Lindsay Linton Buk speaks at the Buffalo Bill Center of the West on May 22 about her upcoming exhibit Women in Wyoming. The exhibit is a celebration of Wyoming women and features large-scale portraits, an audio sound scape and interactive elements with profiles from several of the project’s chapters.

A fourth-generation Wyomingite, Aura Newlin speaks out against the incarceration of Japanese Americans during World War II. Her passion is relative. Her great-grandfather, who had worked in Wyoming before moving to California, became one of the 14,000 men, women and children sent to the Heart Mountain Relocation Center during the war.

Newlin, an anthropologist, lives in Cody and teaches in Powell at Northwest College. She posed at the Heart Mountain site for the camera of Lindsay Linton Buk and the photographer’s “Women in Wyoming” project. It’ll be the subject of a multimedia exhibit next fall at the Buffalo Bill Center of the West, where Linton Buk presented a program May 22 during the Buffalo Gals luncheon.

“She’s known for her striking, honest portraits,” Plains Indian Museum Curator Rebecca West said during her introductory remarks. She noted that for her project, Linton Buk chose to portray women not for their fame but for their impact, women who’ve shaped their place and made a path for others – “women who encompass all a woman can be on their terms.”

A fifth-generation Wyomingite, Linton Buk grew up in Powell, attended Middlebury College in Vermont and moved to Los Angeles to pursue a career in dance until her path veered from the stage to the camera. She spent two years at Northwest College studying photography, worked in New York City for several renowned photographers and for Canon Inc., and then moved in 2013 to Jackson where she founded Linton Productions a year later.

One of her NWC instructors, associate professor Anthony Polvere, cited two attributes that Linton Buk brought to his photography classes: her solid maturity as a nontraditional student and her creative side nurtured through her dance studies. He said that creativity emerged during her second year at NWC.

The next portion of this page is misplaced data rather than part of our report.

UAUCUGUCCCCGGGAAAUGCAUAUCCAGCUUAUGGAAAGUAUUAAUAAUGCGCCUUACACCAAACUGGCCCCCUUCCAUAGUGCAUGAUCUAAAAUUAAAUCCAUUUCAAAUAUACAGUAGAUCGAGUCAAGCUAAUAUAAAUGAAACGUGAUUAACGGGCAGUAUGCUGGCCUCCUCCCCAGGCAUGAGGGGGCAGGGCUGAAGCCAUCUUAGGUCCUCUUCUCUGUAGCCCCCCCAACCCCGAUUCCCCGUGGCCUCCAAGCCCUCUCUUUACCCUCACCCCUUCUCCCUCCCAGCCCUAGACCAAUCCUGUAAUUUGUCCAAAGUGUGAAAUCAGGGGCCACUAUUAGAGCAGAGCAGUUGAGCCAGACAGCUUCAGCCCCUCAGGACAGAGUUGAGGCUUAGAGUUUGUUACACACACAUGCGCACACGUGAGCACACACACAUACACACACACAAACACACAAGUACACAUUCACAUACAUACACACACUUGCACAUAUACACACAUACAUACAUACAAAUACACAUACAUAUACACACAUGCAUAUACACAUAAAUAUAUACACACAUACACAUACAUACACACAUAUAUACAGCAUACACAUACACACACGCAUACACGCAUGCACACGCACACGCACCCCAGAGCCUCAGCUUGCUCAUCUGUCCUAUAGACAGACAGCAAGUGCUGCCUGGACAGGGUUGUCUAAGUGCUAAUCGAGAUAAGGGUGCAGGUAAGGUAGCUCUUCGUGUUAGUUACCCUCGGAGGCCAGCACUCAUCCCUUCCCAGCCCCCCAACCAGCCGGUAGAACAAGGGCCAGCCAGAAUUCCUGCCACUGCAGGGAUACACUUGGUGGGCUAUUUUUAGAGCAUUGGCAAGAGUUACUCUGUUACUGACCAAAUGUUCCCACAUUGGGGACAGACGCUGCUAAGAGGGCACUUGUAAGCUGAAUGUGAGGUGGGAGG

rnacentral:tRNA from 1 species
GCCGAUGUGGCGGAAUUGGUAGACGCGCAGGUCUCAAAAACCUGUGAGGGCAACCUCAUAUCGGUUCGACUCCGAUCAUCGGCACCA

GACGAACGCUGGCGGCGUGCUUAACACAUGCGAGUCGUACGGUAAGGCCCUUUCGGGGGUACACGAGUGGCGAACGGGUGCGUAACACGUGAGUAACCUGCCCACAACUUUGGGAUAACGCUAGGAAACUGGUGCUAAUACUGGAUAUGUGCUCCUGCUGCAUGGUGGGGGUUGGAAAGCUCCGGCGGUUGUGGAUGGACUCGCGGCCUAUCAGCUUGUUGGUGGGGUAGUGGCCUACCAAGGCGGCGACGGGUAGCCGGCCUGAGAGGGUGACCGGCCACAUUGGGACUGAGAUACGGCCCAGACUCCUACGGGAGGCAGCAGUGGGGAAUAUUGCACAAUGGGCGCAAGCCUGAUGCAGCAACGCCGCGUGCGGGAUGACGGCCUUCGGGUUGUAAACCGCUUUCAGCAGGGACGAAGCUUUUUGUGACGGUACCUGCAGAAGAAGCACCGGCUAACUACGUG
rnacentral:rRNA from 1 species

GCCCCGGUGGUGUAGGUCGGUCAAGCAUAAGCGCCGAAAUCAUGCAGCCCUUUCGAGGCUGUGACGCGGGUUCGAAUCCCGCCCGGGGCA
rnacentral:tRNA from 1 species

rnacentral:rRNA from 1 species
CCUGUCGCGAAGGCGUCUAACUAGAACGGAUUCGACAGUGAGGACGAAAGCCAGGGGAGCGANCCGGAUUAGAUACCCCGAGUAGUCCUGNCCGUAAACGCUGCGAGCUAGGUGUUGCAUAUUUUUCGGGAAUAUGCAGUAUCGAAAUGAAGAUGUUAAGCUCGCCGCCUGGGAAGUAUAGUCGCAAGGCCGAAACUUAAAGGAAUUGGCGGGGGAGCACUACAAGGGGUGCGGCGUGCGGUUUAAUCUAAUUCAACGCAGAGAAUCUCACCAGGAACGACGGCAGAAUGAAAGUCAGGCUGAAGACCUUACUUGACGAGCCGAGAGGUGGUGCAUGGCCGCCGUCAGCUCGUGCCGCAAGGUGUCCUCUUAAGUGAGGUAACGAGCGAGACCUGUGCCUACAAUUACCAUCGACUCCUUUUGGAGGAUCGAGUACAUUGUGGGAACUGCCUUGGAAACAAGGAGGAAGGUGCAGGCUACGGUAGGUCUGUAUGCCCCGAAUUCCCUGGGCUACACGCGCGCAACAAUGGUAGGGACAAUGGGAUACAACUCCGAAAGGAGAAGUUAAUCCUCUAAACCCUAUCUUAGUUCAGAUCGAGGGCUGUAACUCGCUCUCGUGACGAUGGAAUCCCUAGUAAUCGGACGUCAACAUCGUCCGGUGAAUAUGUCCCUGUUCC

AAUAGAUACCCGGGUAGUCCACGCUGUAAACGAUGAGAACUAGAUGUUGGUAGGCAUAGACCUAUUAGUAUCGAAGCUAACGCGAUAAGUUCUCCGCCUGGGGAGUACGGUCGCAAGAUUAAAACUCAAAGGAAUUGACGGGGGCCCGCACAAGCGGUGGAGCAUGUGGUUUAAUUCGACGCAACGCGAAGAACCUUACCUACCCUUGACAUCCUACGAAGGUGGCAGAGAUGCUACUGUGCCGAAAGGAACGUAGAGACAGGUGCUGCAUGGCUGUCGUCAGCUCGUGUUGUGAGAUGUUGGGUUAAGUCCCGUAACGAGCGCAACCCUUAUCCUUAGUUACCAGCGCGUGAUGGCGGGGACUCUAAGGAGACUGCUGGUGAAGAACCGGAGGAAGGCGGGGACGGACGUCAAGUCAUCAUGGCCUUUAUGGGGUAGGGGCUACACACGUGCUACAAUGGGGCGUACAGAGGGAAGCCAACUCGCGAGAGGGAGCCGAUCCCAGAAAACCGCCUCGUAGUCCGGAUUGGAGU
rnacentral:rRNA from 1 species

“She’s very special in that way,” Polvere said.

Special to Linton Buk are the achievements of Wyoming women. She pointed out their firsts: First of their gender to vote 1869; first justice of the peace 1870; first all-woman jury 1870; first female bailiff 1870; first woman to hold statewide elective office 1894; first town governed by women 1920-21; and first female governor. The town run by women is now her current home.

“Jackson was a mess, so the women banded together and created infrastructure, Linton Buk said. “As ladies, that’s what we do. That pioneering spirit is still alive today.

“Wyoming women have extra strength and grit.”

After sharing that observation, Linton Buk admitted not initially appreciating her birth state. 

“I didn’t always feel that way,” she said. “I figured I’d have to leave to be successful. I’ve done the full-circle journey of coming home.”

Her focus on people had started with NWC instructor Woody Woodsen, now retired, who had encouraged her to do an exhibit of environmental portraits of longtime farming families in Powell. “Been Here for Generations” opened at the  Homesteader Museum and  was subsequently published on Wyofile.

“That set the stage for the BBCW show,” Linton Buk said.

Her development as a photographer continued in New York City, where she became a summer intern for Rodney Smith whom she peppered with questions. Linton Buk said she became “super-annoying,” asking him about everything he did. His advice to her was, “‘Just take beautiful photographs and know yourself.’”

Next she became an intern with Peter Hurley who did modern head shots and referred clients to her. 

“He thought big and made things happen,” Linton Buk said.

Armed with her experiences in Powell and New York City, she opened her studio in Jackson and started photographing realtors. 

“There are 700 real estate agents there, and they all need head shots,” Linton Buk said. “That’s my bread and butter.

“It’s about capturing the core, who the subjects are, what they’re about.”

The regular work gave her time to “think about the big picture, to stretch myself creatively,” Linton Buk said. 

Those factors, combined her curiosity, a realization about the isolation in this state and a desire to connect with her peers, led to the launch of Women in Wyoming in 2017.

The project has two components, photographic portraits and interviews, and will eventually comprise five chapters. So far, she has completed three chapters – Breaking Boundaries, Filling the Void and Power – with plans for two more, Rising and The Cowgirl State. 

She’s creating a podcast to give her subjects time with a microphone, to dive down into their stories, their triumphs and journeys.

Her goal is “to share a diversity of voices,” Linton Buk said. “The common thread is they fought to know who they are.” She hopes “to illuminate the power of what women and girls do in the state, that you can become anything you put your mind to.”

Though the task sounds formidable and is, in her words, “a huge endeavor,” yet “the project brings me joy and challenges, to celebrate the power of women and the power of Wyoming women in particular.”

Linton Buk added that she hopes Women in Wyoming will “serve as a call to action to be yourself, to be confident. You can do that here.”

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